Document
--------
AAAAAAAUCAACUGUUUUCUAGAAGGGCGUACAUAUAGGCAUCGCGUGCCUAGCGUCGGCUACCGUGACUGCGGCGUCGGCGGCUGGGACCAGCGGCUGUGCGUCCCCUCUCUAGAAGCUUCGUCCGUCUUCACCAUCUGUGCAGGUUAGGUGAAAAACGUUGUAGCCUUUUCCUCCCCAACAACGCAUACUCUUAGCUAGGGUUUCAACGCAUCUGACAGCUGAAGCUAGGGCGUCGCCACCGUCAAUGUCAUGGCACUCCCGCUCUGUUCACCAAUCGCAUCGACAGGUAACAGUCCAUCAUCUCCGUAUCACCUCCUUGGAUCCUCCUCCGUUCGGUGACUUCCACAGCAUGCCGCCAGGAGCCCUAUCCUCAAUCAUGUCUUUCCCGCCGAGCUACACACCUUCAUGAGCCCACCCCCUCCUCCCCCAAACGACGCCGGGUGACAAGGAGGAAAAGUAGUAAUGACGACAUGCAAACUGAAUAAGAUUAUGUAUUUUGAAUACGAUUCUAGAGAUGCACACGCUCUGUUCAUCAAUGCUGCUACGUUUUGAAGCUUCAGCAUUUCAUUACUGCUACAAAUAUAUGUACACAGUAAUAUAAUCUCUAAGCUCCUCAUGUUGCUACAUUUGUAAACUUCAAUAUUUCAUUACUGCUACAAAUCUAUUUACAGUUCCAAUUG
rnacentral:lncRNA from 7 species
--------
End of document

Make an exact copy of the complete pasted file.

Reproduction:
AAAAAAAUCAACUGUUUUCUAGAAGGGCGUACAUAUAGGCAUCGCGUGCCUAGCGUCGGCUACCGUGACUGCGGCGUCGGCGGCUGGGACCAGCGGCUGUGCGUCCCCUCUCUAGAAGCUUCGUCCGUCUUCACCAUCUGUGCAGGUUAGGUGAAAAACGUUGUAGCCUUUUCCUCCCCAACAACGCAUACUCUUAGCUAGGGUUUCAACGCAUCUGACAGCUGAAGCUAGGGCGUCGCCACCGUCAAUGUCAUGGCACUCCCGCUCUGUUCACCAAUCGCAUCGACAGGUAACAGUCCAUCAUCUCCGUAUCACCUCCUUGGAUCCUCCUCCGUUCGGUGACUUCCACAGCAUGCCGCCAGGAGCCCUAUCCUCAAUCAUGUCUUUCCCGCCGAGCUACACACCUUCAUGAGCCCACCCCCUCCUCCCCCAAACGACGCCGGGUGACAAGGAGGAAAAGUAGUAAUGACGACAUGCAAACUGAAUAAGAUUAUGUAUUUUGAAUACGAUUCUAGAGAUGCACACGCUCUGUUCAUCAAUGCUGCUACGUUUUGAAGCUUCAGCAUUUCAUUACUGCUACAAAUAUAUGUACACAGUAAUAUAAUCUCUAAGCUCCUCAUGUUGCUACAUUUGUAAACUUCAAUAUUUCAUUACUGCUACAAAUCUAUUUACAGUUCCAAUUG
rnacentral:lncRNA from 7 species